Recently, our Professional Development Projects Specialist, Hannah Williams, attended the annual Assessment in Higher Education conference (AHE) in Manchester. Taking place on the 22nd-23rd June this event brought together educators, professionals, and experts from various fields to explore the evolving landscape of assessments in higher education.
In this blog post, we'll delve into some of Hannah's top takeaways from the conference, focusing on five key themes that emerged: generative AI and its impact on assessments, the importance of feedback, the need for authentic assessments, the pursuit of inclusion and social justice in education, bridging the assessment literacy gap between Students and Staff.
Generative AI: a paradigm shift in assessments
The rise of generative AI poses both challenges and opportunities for assessments. AI technology has the potential to revolutionise the way we evaluate student abilities in various subjects. We should view AI, including chat-based models like ChatGPT, through a validity lens. By addressing concerns about validity and incorporating AI tools into assessment design, we can create fair, reliable, and meaningful assessments. It's essential to focus on reforming the assessment process to adapt to this evolving technology while maintaining the integrity of evaluations.
Feedback: from information to process
Traditionally, feedback has been seen as providing information to students. However, the focus is now shifting towards developing students' feedback literacy and considering feedback as a process. This involves enabling students to engage with, interpret, critically evaluate, and utilise feedback effectively.
The integration of automated outputs and AI technologies in the feedback process requires students to develop their capacity for critical engagement. Through appropriate prompts, ongoing dialogue, and reflection, students can maximize the benefits of feedback to enhance their learning and thinking.
Authentic Assessments: joining academia and the workplace
To better prepare students for the post-university world, assessments need to mirror real-world applications beyond academia. While academic assessments emphasize theory and critical thinking, professional assignments can require more creativity and practicality.
The concept of the 'unessay' was introduced as a unique project idea allowing students to showcase their knowledge and creativity through various mediums of their own choosing. By embracing authentic assessments, educators can provide students with opportunities to explore topics of interest and develop skills that align with their future career paths and aims.
Inclusion and social justice: making education equitable for all
The pursuit of inclusion and social justice remains a crucial challenge in higher education. There are still huge attainment gaps among marginalized groups, including BAME, women, LGBTQ+, disabled, and neurodivergent students. While progress has been made, the COVID-19 disruption further highlighted the need for a fair and equitable education system.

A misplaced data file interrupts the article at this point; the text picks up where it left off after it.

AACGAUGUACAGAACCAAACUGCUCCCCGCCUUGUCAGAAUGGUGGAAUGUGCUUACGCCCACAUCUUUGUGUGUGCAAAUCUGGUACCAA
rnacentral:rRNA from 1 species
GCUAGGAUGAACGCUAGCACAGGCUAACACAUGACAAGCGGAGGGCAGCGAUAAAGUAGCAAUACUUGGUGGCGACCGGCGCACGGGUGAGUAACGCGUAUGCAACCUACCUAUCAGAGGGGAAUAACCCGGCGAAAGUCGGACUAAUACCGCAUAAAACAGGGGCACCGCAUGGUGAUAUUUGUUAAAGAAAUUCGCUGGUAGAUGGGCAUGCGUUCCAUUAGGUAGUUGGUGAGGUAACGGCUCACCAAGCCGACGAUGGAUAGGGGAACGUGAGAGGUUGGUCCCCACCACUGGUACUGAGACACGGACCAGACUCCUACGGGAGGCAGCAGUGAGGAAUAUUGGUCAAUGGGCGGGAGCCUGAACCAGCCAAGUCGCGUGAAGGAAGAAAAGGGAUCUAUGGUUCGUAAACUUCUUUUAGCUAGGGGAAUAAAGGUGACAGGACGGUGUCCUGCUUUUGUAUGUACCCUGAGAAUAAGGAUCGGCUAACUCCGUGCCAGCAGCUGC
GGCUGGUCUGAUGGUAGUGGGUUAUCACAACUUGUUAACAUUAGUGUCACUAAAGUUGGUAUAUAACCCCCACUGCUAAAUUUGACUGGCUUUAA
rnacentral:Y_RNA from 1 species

The current assessment model, often centred around time-pressured exams, can perpetuate feelings of "othering" for students who require accommodations. Universal Design for Learning and alternative assessment approaches offer potential solutions to create a more inclusive and supportive educational environment.
Assessment Literacy: bridging the gap between students and staff
Assessment literacy is a crucial aspect of education that bridges the gap between students and staff. At the AHE conference, there were discussions around the disparity in assessment literacy levels, highlighting the need for improvement.
Students must grasp key command words and understand how to respond to assessment questions effectively to showcase their critical thinking abilities. Simultaneously, staff members must enhance their assessment literacy to design accessible and precise assessment briefs. Overcoming resistance to change among staff is also essential to foster a culture that embraces innovative assessment practices. By addressing these challenges, we can create a more cohesive and effective assessment ecosystem that empowers students and supports their academic growth.
“The Assessment in Higher Education Conference 2023 was a fantastic opportunity to spend a couple of days immersed in the latest research and progress in the HE assessment world,” said Hannah.
“Developments in HE as a result of the COVID-19 pandemic, as well as the forthcoming rapid advancements in generative AI and technology make this such an exciting and pivotal moment in this sector. I’ve come away with so many new thoughts and ideas as to what we at the Cambridge Assessment Network can do to support HE assessment professionals with the challenges they face moving forward and am particularly enthusiastic about what we can do to make assessments equitable for everyone.”
Below you can find links to particular books, articles and ongoing projects that were highlighted during the conference: